Op/Ed

Missing Cline’s

HOPE E. TREMBLAY

The region was in an uproar last week when White Hut in West Springfield closed its doors abruptly. It was followed days later by a collective social media sigh of relief when Peter Picknelly and Andy Yee announced a “handshake agreement” with White Hut owners to bring the eatery back.

White Hut is a WestSide staple and a draw from the surrounding communities. My husband grew up in WestSide and was practically devastated when he heard the news. I admit, it wasn’t a place I frequented, but I did enjoy a cheeseburger or two at the Hut.

This makes me think about Westfield restaurants that have closed but were a part of the fabric of the community. The first that comes to mind – particularly during the Lenten season – is Cline’s. The Mechanic Street seafood restaurant was always hopping, but especially on Fridays during Lent. The line of customers would be out the door and down the sidewalk for fish fry Friday. And while I did enjoy the fish and seafood that they were famous for, what I miss most about Cline’s is the cheeseburg chowder.

It was heaven in a bowl.

In my early days at The Westfield News, I would often have lunch at Cline’s with co-workers Martha Sanders and Matt Barron. We went there once or twice each month for lunch, and cheeseburg chowder was always my go-to. It was thick, creamy, meaty – everything you’d want in a cheeseburger chowder.

Now, I will say since Cline’s closed, the Maple Leaf has stepped up its cheeseburg chowder game and is a very close second to Cline’s. And Soup’s On’s version is good, too, but nothing compares to Cline’s. Perhaps Picknelly and Yee can bring it back? Pretty please?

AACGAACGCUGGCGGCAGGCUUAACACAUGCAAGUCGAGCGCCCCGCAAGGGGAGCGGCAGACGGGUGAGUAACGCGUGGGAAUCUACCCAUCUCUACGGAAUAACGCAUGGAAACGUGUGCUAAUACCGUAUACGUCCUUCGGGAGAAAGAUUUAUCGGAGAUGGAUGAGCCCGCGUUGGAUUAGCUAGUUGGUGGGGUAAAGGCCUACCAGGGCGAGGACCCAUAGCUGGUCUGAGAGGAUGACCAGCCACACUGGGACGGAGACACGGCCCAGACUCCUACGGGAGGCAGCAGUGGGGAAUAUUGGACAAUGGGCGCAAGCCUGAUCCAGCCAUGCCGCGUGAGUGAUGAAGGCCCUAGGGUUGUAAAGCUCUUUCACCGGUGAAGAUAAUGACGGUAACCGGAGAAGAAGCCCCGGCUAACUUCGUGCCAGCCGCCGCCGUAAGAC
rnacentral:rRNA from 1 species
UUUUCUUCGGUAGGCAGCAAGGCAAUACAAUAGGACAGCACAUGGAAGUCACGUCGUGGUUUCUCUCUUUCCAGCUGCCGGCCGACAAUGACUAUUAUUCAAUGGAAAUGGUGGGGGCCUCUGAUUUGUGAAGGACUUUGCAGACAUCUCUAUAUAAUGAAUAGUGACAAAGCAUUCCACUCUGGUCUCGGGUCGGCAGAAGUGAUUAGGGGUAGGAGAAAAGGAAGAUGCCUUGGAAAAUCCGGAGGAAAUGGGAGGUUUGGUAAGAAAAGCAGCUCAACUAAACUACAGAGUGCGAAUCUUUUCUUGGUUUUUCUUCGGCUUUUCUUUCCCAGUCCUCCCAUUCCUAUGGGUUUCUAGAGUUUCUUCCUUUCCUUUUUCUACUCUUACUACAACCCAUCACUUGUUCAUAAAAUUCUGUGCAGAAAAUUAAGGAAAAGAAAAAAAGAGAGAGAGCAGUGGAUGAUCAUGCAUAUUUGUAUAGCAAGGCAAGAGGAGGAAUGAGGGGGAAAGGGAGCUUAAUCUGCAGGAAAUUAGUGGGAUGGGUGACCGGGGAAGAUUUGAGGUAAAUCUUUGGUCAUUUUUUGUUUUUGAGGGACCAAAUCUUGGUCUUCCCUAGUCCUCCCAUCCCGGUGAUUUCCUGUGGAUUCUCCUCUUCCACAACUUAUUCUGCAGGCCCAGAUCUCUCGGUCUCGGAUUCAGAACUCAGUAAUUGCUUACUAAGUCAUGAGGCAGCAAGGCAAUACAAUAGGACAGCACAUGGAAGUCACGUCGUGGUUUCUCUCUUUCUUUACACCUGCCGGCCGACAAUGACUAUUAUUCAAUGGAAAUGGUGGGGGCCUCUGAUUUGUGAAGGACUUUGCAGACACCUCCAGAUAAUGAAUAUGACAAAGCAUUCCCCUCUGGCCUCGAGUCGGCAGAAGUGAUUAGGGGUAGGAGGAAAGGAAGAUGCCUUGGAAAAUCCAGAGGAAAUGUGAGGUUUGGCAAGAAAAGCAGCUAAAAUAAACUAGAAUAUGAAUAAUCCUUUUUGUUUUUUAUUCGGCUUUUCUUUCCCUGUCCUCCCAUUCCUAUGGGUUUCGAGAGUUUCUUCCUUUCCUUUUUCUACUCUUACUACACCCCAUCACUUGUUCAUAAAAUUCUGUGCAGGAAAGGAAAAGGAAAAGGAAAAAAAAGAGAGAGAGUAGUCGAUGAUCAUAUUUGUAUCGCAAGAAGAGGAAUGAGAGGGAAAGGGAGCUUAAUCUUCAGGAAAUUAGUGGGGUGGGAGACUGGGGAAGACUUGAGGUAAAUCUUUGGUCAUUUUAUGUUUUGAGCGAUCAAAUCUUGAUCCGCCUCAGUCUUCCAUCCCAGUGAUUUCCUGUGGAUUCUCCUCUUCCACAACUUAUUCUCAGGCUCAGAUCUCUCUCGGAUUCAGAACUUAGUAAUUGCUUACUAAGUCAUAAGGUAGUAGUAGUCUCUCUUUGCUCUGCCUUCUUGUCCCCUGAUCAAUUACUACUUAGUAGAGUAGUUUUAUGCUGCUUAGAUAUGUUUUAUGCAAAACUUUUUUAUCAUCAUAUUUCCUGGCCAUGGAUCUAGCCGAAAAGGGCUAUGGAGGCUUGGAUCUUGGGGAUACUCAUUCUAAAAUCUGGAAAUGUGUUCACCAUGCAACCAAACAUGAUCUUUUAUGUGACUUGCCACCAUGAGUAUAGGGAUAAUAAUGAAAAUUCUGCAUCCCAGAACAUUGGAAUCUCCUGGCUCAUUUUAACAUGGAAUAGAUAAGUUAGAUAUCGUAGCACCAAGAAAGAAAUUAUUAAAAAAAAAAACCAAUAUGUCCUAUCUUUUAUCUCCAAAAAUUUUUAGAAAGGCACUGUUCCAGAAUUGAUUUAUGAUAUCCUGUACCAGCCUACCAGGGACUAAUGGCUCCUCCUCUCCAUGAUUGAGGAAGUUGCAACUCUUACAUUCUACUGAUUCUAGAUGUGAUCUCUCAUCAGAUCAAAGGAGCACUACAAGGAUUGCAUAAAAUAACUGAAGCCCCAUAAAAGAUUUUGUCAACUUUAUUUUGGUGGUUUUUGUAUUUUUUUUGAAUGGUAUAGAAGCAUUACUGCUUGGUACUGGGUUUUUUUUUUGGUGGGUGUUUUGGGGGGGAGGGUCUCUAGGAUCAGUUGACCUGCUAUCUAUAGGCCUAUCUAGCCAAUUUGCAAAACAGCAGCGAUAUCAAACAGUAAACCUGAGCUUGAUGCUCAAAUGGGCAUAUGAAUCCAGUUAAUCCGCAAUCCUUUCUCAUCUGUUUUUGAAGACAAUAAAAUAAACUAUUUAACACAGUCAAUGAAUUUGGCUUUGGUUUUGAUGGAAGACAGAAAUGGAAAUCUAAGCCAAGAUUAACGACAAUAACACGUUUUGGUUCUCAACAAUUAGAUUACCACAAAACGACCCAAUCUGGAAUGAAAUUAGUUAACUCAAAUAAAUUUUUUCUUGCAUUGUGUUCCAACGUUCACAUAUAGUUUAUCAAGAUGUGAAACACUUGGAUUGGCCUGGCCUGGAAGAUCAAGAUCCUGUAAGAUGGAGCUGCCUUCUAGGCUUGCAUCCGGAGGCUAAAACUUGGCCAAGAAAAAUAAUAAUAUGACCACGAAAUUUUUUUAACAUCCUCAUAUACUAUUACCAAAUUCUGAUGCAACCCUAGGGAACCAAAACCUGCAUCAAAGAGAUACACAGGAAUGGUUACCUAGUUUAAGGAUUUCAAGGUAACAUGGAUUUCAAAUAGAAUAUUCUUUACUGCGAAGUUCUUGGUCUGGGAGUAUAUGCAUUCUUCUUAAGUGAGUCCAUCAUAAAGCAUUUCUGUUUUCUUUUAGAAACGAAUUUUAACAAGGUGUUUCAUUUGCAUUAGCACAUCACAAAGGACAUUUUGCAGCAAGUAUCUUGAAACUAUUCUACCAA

Big Y and North Elm Butcher Block have become the Lenten go-to for fish on Fridays, and they are both doing a delicious job. Yet, I still miss Cline’s.

Other restaurants, such as the Foster House and Points East, were part of the city’s DNA. The Foster House’s New England comfort foods, including Yankee pot roast and shepard’s pie, were among my faves. And nothing beat the Points East green salad with a heaping helping of crabmeat salad piled on top.

Westfield still boasts many fine locally owned restaurants. The Westwood, The Tavern and Shortstop Bar & Grill are family-owned and offer delicious fare. All three are a great place for lunch with co-workers, dinner with a friend or a special date night.

Another Westfield News’ colleague lunch spot was the Farmer’s Daughter. The cream cheese filled pumpkin muffins were perfect any time of day, but my favorite lunch was the tuna almondine on a croissant. The tea house, Amici’s coffee shop and Rain Forest Café were other downtown eateries in the mid-90s that did not survive, but I wish they had.

We are lucky that we have Two Rivers Burrito, The Good Table, Hutghi’s at The Nook, Leo’s, Emma’s, Santiago’s, Janek’s, Yummi Noodle and Alo Saigon downtown.

And drive by Skyline Beer Co. on Southwick Road any day after 3 p.m. and the parking lot is full.We also have breakfast spots – Yankee Village and Santorini’s come to mind – and bakeries such as Mama Cakes, JP’s Totally Baked Goods and It Takes Two. And of course there are Chinese and pizza restaurants throughout the city (Family, Pasquale’s, Gigi’s, Elm Pizza, Pizza Town and more).

Westfield does have delicious, locally owned, “Mom & Pop” style eateries. Let’s make sure we keep them so they don’t go the route of those that came and went before them.

What’s your favorite current Westfield or Southwick restaurant? Which ones do you miss? Send a letter to [email protected]

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